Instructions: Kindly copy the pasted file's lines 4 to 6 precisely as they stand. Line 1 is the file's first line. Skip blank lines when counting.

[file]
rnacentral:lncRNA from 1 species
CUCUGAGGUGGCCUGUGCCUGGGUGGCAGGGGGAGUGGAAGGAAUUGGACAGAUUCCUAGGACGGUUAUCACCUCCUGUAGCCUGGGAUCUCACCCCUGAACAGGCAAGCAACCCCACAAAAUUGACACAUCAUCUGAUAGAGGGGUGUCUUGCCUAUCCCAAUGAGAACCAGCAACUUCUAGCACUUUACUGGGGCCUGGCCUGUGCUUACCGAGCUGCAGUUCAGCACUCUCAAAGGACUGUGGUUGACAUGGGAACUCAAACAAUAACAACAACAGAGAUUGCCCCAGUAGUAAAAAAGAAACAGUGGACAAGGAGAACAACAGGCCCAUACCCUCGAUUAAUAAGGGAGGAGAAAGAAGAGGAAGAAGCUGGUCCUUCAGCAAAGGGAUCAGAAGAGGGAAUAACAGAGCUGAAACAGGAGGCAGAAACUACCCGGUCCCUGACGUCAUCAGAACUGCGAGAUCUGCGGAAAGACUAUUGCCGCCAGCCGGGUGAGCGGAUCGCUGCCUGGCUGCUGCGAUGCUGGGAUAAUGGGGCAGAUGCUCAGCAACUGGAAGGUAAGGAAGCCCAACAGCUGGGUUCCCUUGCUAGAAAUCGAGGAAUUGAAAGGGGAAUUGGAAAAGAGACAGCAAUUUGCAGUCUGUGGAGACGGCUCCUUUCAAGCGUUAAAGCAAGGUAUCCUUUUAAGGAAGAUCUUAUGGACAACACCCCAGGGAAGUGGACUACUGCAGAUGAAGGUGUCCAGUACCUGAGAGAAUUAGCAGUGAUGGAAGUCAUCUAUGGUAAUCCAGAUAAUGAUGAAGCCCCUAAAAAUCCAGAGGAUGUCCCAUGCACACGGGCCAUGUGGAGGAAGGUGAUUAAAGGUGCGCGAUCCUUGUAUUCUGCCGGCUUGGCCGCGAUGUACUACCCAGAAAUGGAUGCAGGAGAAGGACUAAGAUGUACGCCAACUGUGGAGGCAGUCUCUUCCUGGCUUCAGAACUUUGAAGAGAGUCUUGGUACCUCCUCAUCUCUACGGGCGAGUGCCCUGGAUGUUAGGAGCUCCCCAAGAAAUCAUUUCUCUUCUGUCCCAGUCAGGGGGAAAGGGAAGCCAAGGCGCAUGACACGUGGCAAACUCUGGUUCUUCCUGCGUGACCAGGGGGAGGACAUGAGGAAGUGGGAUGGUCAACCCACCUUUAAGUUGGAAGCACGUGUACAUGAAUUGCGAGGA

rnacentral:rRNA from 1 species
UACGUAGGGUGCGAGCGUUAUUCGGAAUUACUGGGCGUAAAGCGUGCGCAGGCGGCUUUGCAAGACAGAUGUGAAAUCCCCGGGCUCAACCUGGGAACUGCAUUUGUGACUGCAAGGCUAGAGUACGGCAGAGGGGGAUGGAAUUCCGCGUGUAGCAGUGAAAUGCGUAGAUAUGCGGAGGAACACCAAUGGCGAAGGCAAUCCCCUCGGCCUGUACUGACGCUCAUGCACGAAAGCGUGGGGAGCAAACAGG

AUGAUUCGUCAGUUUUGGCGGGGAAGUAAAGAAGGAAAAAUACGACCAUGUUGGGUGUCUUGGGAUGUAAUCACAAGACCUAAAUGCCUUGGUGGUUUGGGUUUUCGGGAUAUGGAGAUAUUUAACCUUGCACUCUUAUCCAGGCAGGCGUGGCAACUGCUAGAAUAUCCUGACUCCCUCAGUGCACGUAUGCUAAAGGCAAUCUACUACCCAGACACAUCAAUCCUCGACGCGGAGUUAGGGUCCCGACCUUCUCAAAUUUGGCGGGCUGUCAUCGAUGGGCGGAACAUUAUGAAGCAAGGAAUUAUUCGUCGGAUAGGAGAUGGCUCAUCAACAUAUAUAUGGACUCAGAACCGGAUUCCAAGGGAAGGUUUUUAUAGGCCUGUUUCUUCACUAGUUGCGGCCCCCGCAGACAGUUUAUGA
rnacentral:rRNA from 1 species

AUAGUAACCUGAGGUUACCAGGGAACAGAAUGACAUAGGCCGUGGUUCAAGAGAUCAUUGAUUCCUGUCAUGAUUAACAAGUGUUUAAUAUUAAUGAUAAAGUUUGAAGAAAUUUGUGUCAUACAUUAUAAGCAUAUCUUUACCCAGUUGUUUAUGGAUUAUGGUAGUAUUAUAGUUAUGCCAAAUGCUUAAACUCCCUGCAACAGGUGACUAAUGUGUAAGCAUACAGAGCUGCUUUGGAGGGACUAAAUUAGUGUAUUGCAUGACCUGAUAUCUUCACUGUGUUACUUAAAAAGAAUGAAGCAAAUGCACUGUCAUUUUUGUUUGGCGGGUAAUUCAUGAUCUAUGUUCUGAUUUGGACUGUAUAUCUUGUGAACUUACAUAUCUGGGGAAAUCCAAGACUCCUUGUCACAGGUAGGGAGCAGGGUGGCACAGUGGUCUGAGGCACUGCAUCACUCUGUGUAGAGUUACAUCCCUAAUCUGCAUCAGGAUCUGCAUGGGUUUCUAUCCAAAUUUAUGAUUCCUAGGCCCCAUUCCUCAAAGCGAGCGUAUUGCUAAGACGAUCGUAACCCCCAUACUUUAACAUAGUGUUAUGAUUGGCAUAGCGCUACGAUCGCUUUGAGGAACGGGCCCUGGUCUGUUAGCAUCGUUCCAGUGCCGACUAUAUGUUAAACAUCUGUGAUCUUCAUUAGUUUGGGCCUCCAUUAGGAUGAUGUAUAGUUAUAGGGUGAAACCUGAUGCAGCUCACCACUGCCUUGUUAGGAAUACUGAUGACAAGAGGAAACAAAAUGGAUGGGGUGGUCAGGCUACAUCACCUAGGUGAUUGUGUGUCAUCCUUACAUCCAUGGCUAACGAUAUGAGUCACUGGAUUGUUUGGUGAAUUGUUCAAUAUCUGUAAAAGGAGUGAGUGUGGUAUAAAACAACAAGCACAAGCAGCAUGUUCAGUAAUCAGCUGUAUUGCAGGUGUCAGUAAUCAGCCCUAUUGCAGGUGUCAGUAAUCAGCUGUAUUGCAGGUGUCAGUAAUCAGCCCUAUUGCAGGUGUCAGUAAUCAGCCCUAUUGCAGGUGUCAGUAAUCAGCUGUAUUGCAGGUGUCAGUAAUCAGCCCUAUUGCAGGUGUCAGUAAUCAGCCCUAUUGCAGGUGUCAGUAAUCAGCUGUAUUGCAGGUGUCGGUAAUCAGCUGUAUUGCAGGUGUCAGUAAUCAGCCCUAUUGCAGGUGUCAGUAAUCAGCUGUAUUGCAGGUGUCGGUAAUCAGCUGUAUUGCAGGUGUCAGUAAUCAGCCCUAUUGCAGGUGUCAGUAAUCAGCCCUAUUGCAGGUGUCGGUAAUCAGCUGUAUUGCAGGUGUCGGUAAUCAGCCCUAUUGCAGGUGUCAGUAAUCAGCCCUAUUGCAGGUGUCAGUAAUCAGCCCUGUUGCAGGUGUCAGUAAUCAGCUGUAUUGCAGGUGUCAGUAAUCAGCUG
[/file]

UACGUAGGGUGCGAGCGUUAUUCGGAAUUACUGGGCGUAAAGCGUGCGCAGGCGGCUUUGCAAGACAGAUGUGAAAUCCCCGGGCUCAACCUGGGAACUGCAUUUGUGACUGCAAGGCUAGAGUACGGCAGAGGGGGAUGGAAUUCCGCGUGUAGCAGUGAAAUGCGUAGAUAUGCGGAGGAACACCAAUGGCGAAGGCAAUCCCCUCGGCCUGUACUGACGCUCAUGCACGAAAGCGUGGGGAGCAAACAGG

AUGAUUCGUCAGUUUUGGCGGGGAAGUAAAGAAGGAAAAAUACGACCAUGUUGGGUGUCUUGGGAUGUAAUCACAAGACCUAAAUGCCUUGGUGGUUUGGGUUUUCGGGAUAUGGAGAUAUUUAACCUUGCACUCUUAUCCAGGCAGGCGUGGCAACUGCUAGAAUAUCCUGACUCCCUCAGUGCACGUAUGCUAAAGGCAAUCUACUACCCAGACACAUCAAUCCUCGACGCGGAGUUAGGGUCCCGACCUUCUCAAAUUUGGCGGGCUGUCAUCGAUGGGCGGAACAUUAUGAAGCAAGGAAUUAUUCGUCGGAUAGGAGAUGGCUCAUCAACAUAUAUAUGGACUCAGAACCGGAUUCCAAGGGAAGGUUUUUAUAGGCCUGUUUCUUCACUAGUUGCGGCCCCCGCAGACAGUUUAUGA
rnacentral:rRNA from 1 species